The European Union's executive commission forecasts the eurozone economy will shrink 0.4 percent for all of 2012 and grow by just 0.1 percent in 2013.
Without growth, there's little chance of cutting into an 11.6 percent jobless rate, the highest since the euro was introduced in 1999. Unemployment tops 25 percent in Greece and Spain.
Even with a modest recovery in late 2013 and 2014, the eurozone economy will be smaller — adjusted for inflation — than it was in 2008, when the Great Recession reverberated around the world.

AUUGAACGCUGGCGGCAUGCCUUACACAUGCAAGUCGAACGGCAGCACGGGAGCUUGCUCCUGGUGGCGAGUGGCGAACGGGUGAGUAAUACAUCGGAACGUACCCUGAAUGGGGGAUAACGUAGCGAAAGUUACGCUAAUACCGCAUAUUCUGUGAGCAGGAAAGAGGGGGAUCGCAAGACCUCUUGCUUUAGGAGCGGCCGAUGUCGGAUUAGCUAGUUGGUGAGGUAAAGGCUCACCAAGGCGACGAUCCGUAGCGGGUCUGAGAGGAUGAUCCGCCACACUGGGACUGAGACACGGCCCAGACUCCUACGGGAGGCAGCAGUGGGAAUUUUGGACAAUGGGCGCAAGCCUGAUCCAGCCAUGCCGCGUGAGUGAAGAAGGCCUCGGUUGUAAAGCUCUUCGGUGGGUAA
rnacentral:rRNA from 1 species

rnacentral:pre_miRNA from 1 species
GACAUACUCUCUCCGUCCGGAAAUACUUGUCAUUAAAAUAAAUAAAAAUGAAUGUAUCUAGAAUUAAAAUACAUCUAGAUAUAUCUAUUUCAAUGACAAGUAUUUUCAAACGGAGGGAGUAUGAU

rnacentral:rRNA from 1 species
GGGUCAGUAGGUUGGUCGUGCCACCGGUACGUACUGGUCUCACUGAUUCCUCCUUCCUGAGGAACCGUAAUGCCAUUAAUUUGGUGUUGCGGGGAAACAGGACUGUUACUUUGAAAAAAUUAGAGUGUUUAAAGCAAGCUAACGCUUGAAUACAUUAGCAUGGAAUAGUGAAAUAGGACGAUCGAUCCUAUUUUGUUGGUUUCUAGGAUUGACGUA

Marco Valli, chief European economist for Unicredit, has charted recoveries from five crises going back to the late 1970s. He forecasts that the eurozone economy will not recover to its 2008 level until the first six months of 2015.
"This is unusual, in that even during the major financial crisis of the past, we have never seen such a slow recovery from a financial crisis," he says.
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